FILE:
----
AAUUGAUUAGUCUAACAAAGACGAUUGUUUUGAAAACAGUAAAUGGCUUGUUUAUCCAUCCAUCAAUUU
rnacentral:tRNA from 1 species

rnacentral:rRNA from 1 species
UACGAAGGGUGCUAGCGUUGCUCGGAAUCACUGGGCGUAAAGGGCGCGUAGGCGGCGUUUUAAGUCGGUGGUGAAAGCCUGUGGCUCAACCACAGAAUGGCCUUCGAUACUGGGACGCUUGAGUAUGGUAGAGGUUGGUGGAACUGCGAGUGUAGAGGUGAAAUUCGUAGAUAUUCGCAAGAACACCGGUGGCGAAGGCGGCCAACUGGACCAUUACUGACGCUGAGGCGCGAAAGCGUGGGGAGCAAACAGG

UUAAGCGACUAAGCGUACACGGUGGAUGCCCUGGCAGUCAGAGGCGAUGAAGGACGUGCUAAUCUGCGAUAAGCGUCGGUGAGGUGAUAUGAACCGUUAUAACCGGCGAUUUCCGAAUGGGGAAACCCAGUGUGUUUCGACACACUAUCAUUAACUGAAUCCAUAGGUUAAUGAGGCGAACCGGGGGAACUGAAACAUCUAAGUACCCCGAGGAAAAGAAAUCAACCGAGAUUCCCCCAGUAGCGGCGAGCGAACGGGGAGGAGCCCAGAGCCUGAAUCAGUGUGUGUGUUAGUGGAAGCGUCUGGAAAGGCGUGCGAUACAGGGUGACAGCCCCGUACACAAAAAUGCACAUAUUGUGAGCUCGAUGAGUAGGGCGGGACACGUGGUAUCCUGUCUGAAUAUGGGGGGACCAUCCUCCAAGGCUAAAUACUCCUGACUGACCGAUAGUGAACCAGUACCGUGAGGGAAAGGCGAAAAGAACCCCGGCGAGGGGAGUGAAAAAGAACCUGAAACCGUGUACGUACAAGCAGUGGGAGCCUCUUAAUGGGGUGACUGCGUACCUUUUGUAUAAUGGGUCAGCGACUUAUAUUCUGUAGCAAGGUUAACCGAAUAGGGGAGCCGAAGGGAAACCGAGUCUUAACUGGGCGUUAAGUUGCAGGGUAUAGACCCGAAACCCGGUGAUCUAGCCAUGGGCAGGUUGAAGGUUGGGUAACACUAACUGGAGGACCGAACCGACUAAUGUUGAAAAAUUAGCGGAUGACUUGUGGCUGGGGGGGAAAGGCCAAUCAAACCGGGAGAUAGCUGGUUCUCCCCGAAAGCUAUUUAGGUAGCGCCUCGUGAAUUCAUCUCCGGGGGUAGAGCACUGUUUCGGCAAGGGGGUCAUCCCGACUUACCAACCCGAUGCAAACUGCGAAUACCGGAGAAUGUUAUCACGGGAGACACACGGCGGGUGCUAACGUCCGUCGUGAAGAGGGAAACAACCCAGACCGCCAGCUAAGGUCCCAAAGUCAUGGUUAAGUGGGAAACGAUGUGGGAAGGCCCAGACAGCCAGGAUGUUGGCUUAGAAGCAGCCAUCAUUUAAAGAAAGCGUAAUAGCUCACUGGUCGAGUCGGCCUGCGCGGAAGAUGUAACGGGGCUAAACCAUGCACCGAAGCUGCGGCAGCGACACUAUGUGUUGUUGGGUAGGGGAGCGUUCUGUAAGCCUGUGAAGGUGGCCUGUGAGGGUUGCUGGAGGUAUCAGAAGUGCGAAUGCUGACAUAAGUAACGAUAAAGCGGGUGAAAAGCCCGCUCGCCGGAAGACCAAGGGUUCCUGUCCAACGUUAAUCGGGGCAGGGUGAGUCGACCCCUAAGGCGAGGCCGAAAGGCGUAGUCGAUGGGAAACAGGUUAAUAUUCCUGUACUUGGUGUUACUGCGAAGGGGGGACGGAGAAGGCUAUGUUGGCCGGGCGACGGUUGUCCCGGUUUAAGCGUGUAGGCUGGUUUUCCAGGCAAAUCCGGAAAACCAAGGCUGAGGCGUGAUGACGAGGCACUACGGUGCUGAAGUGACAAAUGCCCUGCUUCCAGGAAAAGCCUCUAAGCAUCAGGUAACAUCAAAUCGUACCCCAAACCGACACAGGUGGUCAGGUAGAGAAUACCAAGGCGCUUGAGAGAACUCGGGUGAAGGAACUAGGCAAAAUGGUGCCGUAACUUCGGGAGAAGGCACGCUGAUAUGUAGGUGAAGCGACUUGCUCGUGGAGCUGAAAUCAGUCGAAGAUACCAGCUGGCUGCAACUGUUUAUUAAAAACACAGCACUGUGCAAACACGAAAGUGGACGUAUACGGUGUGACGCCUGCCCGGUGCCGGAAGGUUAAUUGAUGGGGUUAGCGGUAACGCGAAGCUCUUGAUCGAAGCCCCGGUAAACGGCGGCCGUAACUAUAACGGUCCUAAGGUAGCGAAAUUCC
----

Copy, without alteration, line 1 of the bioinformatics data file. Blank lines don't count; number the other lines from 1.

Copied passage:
AAUUGAUUAGUCUAACAAAGACGAUUGUUUUGAAAACAGUAAAUGGCUUGUUUAUCCAUCCAUCAAUUU